Whatever its origin, I am part of this universe, however it may have been, or may be, scientifically and imaginatively defined. I feel neither significant nor insignificant in the face of this seeming immensity. I am not small. I am not large. I am as much star as I am snail or stone. I do not fear the unknown. I am part of the unknown. I do not believe in a religious afterlife. When this particular vessel is broken and its dream is dispersed, other combinations will be formed. The dream may become flesh. The vessel may become rainbow, butterfly, and road. My presence here is not the beginning or end. I outgrow my skin, again and again. I wash off the dead cells, and they become something else, and are consumed by the soil. A lifetime of this — and where is it now, the skin of my childhood? It is in the universe. It is in the leaves and the twigs drinking up the light and the dark on our old farm. I do not need the promise of being preserved as myself in an imagined future paradise in order to live love now, or to feel joy, or to act kindly and responsibly. I require no assurance of ultimate freedom or nirvana. If the universe is perfect, then I, being part of it, am perfect too. If the universe is not perfect, then I am imperfect too. But I feel no need to judge it so. And if I am dumb, I am dumb. Take me out. Wag my tail. I will be your happy hound.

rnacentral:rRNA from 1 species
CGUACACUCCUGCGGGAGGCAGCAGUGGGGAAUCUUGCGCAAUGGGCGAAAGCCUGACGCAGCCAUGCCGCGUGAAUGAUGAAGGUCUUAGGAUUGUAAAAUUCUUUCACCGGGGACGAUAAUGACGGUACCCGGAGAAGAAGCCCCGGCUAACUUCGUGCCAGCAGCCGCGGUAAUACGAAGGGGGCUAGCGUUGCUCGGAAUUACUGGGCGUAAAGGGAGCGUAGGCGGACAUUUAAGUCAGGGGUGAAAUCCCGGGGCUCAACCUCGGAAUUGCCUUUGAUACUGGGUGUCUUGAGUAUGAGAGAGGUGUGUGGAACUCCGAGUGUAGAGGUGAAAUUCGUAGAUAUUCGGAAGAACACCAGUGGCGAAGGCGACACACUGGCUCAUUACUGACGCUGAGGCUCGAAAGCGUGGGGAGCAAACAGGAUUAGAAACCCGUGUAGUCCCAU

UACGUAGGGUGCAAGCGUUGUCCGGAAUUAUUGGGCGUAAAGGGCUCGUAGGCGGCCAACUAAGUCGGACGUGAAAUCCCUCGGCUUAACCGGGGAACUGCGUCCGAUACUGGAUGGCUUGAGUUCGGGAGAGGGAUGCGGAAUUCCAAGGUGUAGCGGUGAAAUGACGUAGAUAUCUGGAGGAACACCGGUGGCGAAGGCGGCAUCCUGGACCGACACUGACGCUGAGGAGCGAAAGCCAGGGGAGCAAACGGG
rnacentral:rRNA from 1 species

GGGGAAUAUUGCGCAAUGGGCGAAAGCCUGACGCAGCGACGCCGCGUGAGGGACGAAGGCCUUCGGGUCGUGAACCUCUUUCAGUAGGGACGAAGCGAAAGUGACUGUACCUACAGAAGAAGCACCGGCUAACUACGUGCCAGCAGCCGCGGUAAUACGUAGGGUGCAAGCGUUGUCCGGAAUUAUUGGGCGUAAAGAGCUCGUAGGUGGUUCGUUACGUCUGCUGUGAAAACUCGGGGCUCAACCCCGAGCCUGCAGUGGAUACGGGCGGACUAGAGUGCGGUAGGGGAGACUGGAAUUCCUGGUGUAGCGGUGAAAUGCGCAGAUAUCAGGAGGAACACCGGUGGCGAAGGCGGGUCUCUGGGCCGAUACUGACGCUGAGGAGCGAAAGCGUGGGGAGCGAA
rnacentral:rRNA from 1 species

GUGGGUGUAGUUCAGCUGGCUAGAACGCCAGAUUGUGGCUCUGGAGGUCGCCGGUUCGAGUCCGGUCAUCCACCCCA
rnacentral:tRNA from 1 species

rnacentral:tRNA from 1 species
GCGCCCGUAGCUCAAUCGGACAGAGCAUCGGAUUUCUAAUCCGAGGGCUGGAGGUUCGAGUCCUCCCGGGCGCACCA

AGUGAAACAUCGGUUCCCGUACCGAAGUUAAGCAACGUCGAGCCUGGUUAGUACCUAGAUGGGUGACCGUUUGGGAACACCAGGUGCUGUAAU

October 25, 2019
Burying a Bone
On our walk past the old graveyard,
my dog stops to bury a bone. Looking on,
I wonder what Jesus would have done.
Smiled, probably. Good dog.
Songs and Letters, February 27, 2007
Another Song I Know, Cosmopsis Books, 2007
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Categories: Another Song I Know, Everything and Nothing, New Poems & Pieces
Tags: Aging, Bones, Books, Consciousness, Diaries, Graveyards, Journals, Love, Perfection and Flaw, Poems, Poetry, Religion